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appear arms authors bear beauty began better blood breast bring cause church common court crimes crowd crown curse danger dare David's doubtful e'en ease eyes face fair faith fall fame fate father fear foes fools force friends gain give grace half hand happy head heart Heaven hope judge kind king land laws least leave less live look means mind Muse native Nature ne'er never o'er once pains Panther peace plain play plot poets poor praise pretend prince prove race rage raise reason rebel reign rest rise royal rule sacred sense sight sons soul stage stand subjects sure things thou thought throne true trust truth virtue wind wise write young youth
Page 20 - A fiery soul which, working out its way, Fretted the pigmy body to decay And o'er-informed the tenement of clay. A daring pilot in extremity, Pleased with the danger, when the waves went high, He sought the storms ; but, for a calm unfit, Would steer too nigh the sands to boast his wit...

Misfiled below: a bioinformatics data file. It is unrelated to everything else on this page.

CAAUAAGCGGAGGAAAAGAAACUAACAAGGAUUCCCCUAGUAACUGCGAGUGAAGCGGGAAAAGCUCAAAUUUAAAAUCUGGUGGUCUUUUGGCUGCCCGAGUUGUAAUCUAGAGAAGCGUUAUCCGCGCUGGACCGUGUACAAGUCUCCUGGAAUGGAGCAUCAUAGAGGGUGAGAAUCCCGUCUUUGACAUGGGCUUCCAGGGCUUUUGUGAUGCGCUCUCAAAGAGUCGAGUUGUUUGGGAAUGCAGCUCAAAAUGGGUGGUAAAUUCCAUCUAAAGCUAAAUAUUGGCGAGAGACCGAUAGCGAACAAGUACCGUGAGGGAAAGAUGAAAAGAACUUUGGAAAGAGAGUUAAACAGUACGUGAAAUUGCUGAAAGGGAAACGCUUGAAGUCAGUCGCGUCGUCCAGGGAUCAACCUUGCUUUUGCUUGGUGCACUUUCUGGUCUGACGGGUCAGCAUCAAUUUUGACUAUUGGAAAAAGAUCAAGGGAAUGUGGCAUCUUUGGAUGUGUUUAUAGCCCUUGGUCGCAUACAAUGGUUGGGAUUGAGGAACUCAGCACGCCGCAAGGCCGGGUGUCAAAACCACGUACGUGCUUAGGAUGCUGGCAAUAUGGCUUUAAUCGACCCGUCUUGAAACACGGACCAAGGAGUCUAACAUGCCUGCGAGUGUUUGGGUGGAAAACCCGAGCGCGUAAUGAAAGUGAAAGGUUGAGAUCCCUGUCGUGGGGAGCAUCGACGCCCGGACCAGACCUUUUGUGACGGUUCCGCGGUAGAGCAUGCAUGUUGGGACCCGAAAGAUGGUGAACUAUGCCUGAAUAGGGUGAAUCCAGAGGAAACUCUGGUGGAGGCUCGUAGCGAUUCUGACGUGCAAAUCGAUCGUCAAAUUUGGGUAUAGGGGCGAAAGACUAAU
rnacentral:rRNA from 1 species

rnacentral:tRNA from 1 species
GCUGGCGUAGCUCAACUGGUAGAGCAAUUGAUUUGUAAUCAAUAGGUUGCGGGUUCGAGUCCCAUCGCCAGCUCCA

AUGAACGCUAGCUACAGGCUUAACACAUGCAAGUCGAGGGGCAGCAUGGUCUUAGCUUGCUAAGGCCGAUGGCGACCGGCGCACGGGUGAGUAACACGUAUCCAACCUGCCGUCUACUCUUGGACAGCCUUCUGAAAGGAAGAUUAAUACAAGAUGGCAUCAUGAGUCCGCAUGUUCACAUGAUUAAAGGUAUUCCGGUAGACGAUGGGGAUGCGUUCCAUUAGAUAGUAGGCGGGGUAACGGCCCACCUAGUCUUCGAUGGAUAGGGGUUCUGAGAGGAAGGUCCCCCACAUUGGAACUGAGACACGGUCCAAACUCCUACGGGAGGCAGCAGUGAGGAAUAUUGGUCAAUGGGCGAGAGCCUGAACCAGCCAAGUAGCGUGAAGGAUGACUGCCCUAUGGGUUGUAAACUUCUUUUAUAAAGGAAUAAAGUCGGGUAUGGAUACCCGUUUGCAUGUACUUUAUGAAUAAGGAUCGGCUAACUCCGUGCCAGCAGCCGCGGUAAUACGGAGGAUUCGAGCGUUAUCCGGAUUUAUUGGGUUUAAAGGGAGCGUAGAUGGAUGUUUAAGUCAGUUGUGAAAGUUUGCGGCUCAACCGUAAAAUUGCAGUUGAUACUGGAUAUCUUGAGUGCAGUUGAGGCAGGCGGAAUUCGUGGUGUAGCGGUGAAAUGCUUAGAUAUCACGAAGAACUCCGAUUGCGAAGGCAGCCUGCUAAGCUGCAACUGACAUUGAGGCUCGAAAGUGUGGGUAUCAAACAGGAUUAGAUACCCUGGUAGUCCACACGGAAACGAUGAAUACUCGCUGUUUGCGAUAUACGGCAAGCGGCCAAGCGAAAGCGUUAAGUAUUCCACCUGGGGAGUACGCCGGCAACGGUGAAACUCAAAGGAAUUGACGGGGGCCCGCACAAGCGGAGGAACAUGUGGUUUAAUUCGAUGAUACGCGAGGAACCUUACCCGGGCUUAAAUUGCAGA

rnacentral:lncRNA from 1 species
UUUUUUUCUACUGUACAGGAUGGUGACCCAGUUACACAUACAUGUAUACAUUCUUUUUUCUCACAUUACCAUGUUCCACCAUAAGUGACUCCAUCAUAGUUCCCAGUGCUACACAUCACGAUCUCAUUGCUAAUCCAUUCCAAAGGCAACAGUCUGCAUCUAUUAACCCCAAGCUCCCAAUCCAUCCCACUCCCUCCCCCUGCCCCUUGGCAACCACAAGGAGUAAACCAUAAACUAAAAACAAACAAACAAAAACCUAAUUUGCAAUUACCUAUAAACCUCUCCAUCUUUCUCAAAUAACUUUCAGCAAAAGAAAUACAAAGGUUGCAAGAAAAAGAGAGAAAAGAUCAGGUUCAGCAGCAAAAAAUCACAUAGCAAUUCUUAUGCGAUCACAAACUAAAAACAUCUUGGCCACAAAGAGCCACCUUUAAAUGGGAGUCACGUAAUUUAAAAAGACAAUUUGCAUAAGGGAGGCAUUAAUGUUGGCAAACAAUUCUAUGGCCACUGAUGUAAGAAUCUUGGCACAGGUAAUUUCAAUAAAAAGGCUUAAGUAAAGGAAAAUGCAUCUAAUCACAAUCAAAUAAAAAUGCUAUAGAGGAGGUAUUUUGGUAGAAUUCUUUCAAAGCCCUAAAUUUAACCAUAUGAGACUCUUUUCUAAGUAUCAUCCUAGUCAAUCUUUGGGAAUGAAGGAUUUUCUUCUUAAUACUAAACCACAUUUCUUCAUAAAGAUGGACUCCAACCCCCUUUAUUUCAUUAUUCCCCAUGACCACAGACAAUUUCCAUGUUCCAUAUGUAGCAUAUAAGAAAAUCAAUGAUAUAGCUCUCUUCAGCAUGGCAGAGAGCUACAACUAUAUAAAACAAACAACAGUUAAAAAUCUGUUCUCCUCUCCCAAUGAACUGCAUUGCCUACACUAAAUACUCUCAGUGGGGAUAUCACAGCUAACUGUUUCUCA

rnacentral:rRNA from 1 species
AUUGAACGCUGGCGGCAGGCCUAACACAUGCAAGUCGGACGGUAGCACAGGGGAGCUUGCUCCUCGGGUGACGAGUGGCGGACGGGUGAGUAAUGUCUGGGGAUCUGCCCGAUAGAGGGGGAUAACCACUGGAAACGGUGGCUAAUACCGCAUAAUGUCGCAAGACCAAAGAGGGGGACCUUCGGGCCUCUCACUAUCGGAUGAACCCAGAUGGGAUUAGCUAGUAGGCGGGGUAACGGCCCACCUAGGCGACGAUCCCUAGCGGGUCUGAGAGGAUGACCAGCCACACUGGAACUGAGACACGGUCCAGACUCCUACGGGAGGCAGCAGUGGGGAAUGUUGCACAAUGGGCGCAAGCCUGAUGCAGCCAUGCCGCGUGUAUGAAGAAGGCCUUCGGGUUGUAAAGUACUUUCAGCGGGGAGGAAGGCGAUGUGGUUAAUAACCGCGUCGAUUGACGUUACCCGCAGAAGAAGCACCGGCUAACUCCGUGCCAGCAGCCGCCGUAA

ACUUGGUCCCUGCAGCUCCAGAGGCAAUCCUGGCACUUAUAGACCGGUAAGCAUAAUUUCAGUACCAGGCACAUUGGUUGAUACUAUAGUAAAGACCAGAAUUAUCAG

Page 95 - Tis true she bounded by and tripped so light, They had not time to take a steady sight ; For truth has such a face and such a mien As to be loved needs only to be seen.
Page 15 - Promiscuous use of concubine and bride ; Then Israel's monarch after heaven's own heart, His vigorous warmth did variously impart To wives and slaves ; and wide as his command, Scatter'd his Maker's image through the land.
Page 20 - In friendship false, implacable in hate, Resolved to ruin or to rule the state...
Page 261 - Another's diving bow he did adore, Which with a shog casts all the hair before, Till he, with full decorum, brings it back, And rises with a water-spaniel shake. As for his songs, the ladies' dear delight, These sure he took from most of you who write.
Page 84 - And in his father's right and realm's defence, Ne'er to have peace with wit nor truce with sense. The king himself the sacred unction made, As king by office and as priest by trade. In his sinister hand, instead of ball, He placed a mighty mug of potent ale;
Page 142 - With loss of all that mortals hold so dear. Then welcome infamy and public shame, And last, a long farewell to worldly fame ! 'Tis said with ease ; but, oh, how hardly...
Page 286 - Blest above; So when the last and dreadful hour This crumbling pageant shall devour, The trumpet shall be heard on high, The dead shall live, the living die, And Music shall untune the sky!